Monday, October 29, 2007


The Baluchi minority in southwestern Pakistan and southeastern Iran is increasingly marginalized, discriminated against by the state, and suffers from limited access to the benefits of citizenship, according to political observers and human rights groups.

Although the 6 million-8 million ethnic Baluchis in both countries live in a strategic location atop untapped hydrocarbon and mineral deposits and possible trade routes, it looks unlikely that their grim conditions will improve soon.

A report released on October 22 by the International Crisis Group argues that only free and fair elections are likely to encourage Baluchi participation in Pakistani politics. The Brussels-based think tank predicts that in the absence of political reconciliation, violence will continue unabated between Pakistan's military and Baluchi nationalist militants demanding political and economic autonomy.

"The Baluch people think their resources are being monopolized by the government, that their land and their resources are not their own, and that there is no freedom to express their opinions."

-- I.A. Rehman, Human Rights Commission of Pakistan
Baluchi leaders claim to be fighting for autonomy and control over their people's abundant natural resources, but Islamabad regards them as revolutionaries bankrolled by regional archrival India. Years of armed insurrection have killed hundreds of Baluchi militants, Pakistani troops, and civilians.

I.A. Rehman, the director of the Human Rights Commission of Pakistan, an independent group that monitors human rights abuses, says the fighting has displaced thousands of Baluchis in the insurgency-plagued districts of Dera Bugti and Kohlu. Rehman told RFE/RL's Radio Free Afghanistan that the government's strong-arm tactics to suppress the insurgency have created a troubling human rights situation.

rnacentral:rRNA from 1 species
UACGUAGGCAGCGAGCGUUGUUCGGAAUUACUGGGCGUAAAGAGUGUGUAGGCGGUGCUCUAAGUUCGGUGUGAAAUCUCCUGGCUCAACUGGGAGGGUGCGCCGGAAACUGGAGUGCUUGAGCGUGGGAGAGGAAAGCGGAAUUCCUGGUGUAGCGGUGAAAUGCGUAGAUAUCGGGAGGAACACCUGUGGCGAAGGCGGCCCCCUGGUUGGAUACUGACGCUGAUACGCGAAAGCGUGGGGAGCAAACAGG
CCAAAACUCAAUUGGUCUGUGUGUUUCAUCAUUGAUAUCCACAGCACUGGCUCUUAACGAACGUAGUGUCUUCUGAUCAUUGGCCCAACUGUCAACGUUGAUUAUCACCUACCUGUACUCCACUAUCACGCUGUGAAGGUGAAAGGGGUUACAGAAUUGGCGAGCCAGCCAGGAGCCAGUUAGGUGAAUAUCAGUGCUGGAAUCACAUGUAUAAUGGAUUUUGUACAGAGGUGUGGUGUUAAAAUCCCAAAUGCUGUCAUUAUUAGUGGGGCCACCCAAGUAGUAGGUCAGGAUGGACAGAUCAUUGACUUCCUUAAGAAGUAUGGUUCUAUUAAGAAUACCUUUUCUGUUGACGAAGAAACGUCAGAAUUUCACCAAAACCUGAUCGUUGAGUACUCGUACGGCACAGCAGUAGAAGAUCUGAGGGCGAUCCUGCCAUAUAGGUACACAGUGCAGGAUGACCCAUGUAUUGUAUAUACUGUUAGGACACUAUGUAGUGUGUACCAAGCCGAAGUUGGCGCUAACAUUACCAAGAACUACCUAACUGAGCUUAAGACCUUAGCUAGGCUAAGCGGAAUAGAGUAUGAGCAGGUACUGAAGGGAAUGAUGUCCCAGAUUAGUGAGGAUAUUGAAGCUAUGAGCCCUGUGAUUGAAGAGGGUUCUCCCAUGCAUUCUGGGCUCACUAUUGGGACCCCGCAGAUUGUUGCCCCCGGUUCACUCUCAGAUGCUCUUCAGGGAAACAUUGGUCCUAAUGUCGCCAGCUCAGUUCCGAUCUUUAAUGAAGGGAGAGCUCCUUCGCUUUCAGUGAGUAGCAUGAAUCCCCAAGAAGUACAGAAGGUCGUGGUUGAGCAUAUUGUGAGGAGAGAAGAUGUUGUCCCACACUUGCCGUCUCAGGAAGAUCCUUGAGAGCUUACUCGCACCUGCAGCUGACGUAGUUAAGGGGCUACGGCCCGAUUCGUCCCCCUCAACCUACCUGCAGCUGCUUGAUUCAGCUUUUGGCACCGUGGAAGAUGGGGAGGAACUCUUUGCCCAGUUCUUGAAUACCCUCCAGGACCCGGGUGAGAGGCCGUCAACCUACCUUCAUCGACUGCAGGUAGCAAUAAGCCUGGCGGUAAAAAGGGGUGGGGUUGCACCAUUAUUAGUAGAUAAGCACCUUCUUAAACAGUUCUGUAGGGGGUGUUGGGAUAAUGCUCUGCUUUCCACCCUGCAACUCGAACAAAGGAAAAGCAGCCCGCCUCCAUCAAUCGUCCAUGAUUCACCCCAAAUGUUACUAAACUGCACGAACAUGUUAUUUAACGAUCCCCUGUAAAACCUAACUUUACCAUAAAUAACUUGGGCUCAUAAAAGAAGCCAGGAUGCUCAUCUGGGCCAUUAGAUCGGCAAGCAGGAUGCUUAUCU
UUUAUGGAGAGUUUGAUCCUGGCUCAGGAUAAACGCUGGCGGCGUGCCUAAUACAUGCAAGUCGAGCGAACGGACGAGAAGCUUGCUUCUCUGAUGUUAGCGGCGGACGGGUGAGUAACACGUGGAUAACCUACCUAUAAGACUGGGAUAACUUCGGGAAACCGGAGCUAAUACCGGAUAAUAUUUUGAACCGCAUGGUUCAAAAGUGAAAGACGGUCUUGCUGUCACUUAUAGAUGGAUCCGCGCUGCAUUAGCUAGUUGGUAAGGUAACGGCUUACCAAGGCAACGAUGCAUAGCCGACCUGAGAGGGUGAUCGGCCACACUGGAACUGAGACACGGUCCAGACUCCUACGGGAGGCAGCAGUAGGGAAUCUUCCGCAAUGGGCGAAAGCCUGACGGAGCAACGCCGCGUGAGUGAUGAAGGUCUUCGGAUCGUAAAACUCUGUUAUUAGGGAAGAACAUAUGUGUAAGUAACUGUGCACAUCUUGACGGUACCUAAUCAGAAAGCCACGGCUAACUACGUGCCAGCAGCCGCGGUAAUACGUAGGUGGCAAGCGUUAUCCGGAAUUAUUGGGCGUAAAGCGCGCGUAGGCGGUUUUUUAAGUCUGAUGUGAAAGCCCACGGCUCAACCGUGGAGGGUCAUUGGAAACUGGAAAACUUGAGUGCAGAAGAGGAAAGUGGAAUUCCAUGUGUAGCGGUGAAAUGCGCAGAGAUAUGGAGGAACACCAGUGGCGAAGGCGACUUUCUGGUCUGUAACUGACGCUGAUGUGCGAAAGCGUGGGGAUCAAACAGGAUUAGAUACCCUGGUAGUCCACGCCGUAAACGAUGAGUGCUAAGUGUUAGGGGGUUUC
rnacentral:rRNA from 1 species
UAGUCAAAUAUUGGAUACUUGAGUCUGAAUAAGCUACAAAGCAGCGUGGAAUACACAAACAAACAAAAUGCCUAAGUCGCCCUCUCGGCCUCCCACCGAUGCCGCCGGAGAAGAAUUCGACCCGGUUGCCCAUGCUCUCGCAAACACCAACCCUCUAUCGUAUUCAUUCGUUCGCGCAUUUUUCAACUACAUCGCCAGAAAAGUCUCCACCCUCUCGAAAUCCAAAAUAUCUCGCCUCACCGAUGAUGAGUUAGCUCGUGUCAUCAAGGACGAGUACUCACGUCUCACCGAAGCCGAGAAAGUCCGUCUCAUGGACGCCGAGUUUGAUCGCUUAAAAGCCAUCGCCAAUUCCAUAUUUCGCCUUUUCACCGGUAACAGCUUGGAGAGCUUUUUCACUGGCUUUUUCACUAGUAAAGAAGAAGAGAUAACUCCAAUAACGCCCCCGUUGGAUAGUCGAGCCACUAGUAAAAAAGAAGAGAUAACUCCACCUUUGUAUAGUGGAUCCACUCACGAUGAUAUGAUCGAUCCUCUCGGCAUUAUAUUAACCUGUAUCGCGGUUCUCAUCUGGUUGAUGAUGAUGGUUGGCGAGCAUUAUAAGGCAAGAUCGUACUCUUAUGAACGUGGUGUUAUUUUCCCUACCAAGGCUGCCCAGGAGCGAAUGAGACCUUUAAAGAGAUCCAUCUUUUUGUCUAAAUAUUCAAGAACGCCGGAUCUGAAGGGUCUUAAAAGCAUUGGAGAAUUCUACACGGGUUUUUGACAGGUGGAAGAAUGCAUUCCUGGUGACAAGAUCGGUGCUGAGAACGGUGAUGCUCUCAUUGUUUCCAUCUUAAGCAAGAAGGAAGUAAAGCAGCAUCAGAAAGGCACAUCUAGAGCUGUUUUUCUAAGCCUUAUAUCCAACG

"There is the question of the suppression of all dissent. The cases of the disappeared people are only the tip of the problem," Rehman said. "The real issue in Baluchistan is that the Baluch people think their resources are being monopolized by the government, that their land and their resources are not their own, and that there is no freedom to express their opinions."

Displaced Or Missing

The International Crisis Group calls the Baluchi plight a "forgotten conflict." It maintains that the fighting has so far displaced 84,000 people, while thousands of Baluchi nationalist activists languish in jails and hundreds remain missing.

The Pakistani government meanwhile claims to be pouring billions of dollars into major infrastructure-development projects, including a new port on the Arabian sea coast at Gwadar, along with the construction of major roads, rail networks, dams, and new cantonments. Other ambitious projects are aimed at extracting gold, copper, oil, gas, and minerals in Baluchistan Province, which accounts for nearly half of Pakistan's territory and is home to some 8 million people, about half of them ethnic Pashtuns.

But many Baluchis oppose such projects and regard them as unfair efforts to exploit their land. Mariana Baabar, an Islamabad-based journalist and political commentator, says the Baluchis are among the most impoverished groups in the country, and require assistance to meet basic needs as well as longer-term development efforts.

"They do not have clean drinking water. They are not being provided with [basic] health care or education. And they are even regarded as not being part of Pakistan," Baabar said. The Pakistani government "is trying to build a port in Gawadar, but, again, non-Baluchis from Punjab and other regions are being taken there [to settle]. So that is why the people of Baluchistan are unhappy."

Poverty, Discrimination

Across the border in neighboring Iran, Baluchis are enduring similar woes. There some 2 million Baluchis concentrated in Iran's southeastern Sistan-Baluchistan Province, representing about 2 percent of the country's total population.